In John Boyne's The Boy in the Striped Pajamas, how is Shmuel on a hero's quest?

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The search for his father represents Shmuel's heroic quest in The Boy in the Striped Pajamas.

All heroic quests begin with an important mission.  Shmuel divulges this when he tells Bruno that he must find his father.  Shmuel tells Bruno that his father "went on work duty with some other men and none of them have come back."  Shmuel further informs Bruno that while he did "some exploration" to try to find him, he was not successful.

Like many heroic quests, Shmuel enlists help on his mission. When Bruno proposes to cross the fence into "Out-With," Shmuel recognizes that he could have assistance. Shmuel recognizes the value of having "someone to help him in the search for his papa." When Bruno crosses into "Out-With," he does not like what he sees and wants to return home.  As with many archetypal heroic voyages, the hero's focus does not deviate despite calls of protest or resistance.   When Bruno says he wants to stop looking, Shmuel reminds Bruno of the mission at hand:  "Shmuel stopped walking and starred at him.  'But Papa,' he said, 'You said you'd help me find him."  Upon being reminded of his promise and the importance of the quest, Bruno agrees and both boys continue to search until they are no longer able to do so.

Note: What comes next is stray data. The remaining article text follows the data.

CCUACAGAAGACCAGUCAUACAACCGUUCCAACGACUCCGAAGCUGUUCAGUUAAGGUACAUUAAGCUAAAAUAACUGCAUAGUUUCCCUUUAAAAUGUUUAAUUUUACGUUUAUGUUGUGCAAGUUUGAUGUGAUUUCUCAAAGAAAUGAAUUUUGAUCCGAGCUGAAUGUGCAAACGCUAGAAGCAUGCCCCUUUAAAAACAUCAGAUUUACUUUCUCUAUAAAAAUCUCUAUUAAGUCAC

While it might not have been intentional, Shmuel sacrifices his life for the quest.  This shows a hero who gives everything they have to fulfill their quest.

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